You can watch the time-lapse video of our hike on our YouTube channel!
If you ever venture to Portland (or maybe you live in the area), you must visit Sauvie Island. Let’s be real, most folks only migrate to the island during the fall festive season to pick up their pumpkins and do all things related to Pumpkin Spice Lattes. We are die-hard’s for “The Pumpkin Patch,” and others prefer different farms. BUT did you know the island is SO much bigger than the pumpkin patch farms and there’s an entire wildlife refuge on the northern side? More than that, did you know there is a lighthouse out there?
Two more things I didn’t know about Sauvie Island:
1. There’s a little grocery mini-mart just after the bridge.
2. A “clothing optional” beach exists. I’ll pass.
For February, our hiking destination was the Warrior Rock Lighthouse on the upper northeast side. Before we could start, we had to pick up a Wildlife Area Parking Pass at the aforementioned grocery mini-mart ($10 per day or $30 annually). There are a couple of other places to buy the pass and apparently it’s even available online, but this place was so convenient it was a bit of a no-brainer.
Once we got to the Warrior Point Trailhead at the end of a long gravel road that goes past the “clothing optional” beach, we started off in search for the smallest lighthouse in Oregon.
You can see it almost immediately, although it’s small and approximately 3 miles away. The trail started off kind of muddy, but it had been raining for over a week and there was an impending rainstorm coming a couple hours later. Note that some folks start on the beach and cut over to the main trail at the end of the beach, we went straight for the trail. About 1.3 miles into the hike Ben heard an eagle’s call. Just around the bend, boom(!), a freaking bald eagle at the top of a tree. We crossed our fingers it would be there on our way back so we could stop and take pictures.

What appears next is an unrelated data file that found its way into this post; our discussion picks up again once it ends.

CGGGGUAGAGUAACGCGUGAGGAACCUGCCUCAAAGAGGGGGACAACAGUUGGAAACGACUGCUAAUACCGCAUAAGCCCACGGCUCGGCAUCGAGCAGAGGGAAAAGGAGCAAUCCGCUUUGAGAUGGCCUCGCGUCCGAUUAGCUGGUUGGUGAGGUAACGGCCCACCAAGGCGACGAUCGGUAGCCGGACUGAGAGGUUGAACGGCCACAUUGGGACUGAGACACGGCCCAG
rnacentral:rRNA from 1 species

As we got deeper into the hike, the trees turned deciduous and the leaves on the path made for less mud, making it a much more enjoyable hike, since we weren’t dodging big puddles or mud pits. It was fairly smooth sailing, and we didn’t see a single soul on the way out (only kind of creepy). I could tell we had to be getting close to the lighthouse when the trail made a big curve back out towards the Columbia River. Behind me I heard, “We came around the back of it! I was NOT expecting that.” Huzzah, just in front of me, beyond the trees was the lighthouse.
On our way back we saw a number of folks, most of them with dogs. It was nice to see friendly faces, even on such a gloomy day and the chance of rain was about to skyrocket. Just a quarter mile from the car we came across a couple of people that mentioned the bald eagle was RIGHT NEXT to the parking lot (above the porta-potties). We were ecstatic and made a bee-line for the trees! Seeing it again capped off an incredible hike.
As we were putting our gear away, the rain started coming down. Perfect timing!
Start Time: 9:00am; Ending Time: 11:45am;
Temperature: ~40F/4.4C and mostly cloudy with light sprinkles every now and again.
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